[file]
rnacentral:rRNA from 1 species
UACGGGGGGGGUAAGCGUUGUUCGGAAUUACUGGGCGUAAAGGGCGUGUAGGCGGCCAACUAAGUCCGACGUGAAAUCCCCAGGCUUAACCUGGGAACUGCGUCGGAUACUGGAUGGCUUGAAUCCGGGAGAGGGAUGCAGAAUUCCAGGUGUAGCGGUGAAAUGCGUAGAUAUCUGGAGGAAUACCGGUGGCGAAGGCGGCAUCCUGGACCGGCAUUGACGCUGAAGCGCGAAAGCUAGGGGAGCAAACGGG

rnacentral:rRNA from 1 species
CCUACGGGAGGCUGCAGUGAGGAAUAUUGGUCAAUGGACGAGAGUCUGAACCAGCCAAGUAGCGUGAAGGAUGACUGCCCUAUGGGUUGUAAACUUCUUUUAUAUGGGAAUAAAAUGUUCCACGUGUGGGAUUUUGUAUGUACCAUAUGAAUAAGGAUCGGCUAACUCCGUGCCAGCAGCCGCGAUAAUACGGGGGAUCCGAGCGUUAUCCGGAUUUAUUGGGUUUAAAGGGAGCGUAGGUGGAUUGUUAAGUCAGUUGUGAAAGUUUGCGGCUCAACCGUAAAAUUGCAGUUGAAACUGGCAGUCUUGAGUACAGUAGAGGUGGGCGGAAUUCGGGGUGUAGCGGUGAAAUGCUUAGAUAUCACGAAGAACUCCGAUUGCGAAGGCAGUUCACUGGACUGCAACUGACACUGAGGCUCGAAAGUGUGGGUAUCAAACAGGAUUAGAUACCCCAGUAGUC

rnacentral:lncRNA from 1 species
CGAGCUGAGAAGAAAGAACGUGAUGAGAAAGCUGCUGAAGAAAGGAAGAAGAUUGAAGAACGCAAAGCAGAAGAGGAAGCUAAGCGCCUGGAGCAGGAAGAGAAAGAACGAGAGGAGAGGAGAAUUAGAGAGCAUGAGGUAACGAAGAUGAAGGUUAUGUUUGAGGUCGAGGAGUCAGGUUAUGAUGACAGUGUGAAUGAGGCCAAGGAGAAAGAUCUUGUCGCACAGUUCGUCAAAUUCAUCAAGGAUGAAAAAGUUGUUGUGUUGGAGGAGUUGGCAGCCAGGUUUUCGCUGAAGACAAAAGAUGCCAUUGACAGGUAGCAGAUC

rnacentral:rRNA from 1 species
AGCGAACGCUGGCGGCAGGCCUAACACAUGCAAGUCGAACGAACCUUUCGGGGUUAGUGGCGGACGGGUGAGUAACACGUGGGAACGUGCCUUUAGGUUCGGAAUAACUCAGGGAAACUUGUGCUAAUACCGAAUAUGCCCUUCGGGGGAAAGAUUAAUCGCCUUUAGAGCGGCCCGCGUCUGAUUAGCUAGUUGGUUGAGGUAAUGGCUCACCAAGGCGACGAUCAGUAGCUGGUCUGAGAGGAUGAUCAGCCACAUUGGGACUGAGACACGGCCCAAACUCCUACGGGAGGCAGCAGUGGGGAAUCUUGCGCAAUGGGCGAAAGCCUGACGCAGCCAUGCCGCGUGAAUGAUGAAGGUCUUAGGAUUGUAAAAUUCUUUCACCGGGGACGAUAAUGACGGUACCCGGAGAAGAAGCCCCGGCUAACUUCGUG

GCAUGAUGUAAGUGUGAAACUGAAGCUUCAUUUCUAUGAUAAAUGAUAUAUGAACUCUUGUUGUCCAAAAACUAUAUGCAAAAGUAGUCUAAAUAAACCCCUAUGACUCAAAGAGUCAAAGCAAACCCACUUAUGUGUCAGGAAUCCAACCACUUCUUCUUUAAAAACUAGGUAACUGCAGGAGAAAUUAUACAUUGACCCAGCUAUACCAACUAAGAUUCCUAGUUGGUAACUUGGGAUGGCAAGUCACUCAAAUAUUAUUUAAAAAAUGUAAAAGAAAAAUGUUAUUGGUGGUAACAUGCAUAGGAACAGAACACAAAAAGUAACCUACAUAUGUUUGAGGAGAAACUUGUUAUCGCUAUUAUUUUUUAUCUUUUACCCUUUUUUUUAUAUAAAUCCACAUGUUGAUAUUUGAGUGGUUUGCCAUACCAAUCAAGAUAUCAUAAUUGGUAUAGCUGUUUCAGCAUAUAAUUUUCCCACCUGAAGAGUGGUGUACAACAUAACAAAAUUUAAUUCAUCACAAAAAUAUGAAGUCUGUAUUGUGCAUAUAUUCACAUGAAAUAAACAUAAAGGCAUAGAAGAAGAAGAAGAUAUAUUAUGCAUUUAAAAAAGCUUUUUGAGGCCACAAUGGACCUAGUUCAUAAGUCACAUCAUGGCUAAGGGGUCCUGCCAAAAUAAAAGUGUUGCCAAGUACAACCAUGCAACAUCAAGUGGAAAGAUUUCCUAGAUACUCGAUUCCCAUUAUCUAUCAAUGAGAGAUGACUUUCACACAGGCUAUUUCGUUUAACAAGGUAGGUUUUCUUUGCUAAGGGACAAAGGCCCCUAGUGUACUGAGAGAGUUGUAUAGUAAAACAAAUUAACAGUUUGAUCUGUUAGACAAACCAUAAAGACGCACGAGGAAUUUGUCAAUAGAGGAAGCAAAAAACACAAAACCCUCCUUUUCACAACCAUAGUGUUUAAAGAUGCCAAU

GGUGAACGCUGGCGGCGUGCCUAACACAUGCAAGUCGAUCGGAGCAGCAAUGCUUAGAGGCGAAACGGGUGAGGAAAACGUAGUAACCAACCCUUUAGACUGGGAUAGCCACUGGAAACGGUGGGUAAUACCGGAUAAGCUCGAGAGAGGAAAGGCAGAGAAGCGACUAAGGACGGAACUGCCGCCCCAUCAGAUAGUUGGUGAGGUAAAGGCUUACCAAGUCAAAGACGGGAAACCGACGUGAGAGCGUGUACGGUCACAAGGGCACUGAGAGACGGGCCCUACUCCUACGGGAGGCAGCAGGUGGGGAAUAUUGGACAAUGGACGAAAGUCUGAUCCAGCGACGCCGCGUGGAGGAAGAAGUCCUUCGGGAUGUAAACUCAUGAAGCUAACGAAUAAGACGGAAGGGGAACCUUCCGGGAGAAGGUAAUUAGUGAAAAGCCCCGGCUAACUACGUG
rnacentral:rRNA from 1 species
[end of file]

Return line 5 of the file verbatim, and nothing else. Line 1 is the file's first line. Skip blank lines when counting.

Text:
rnacentral:lncRNA from 1 species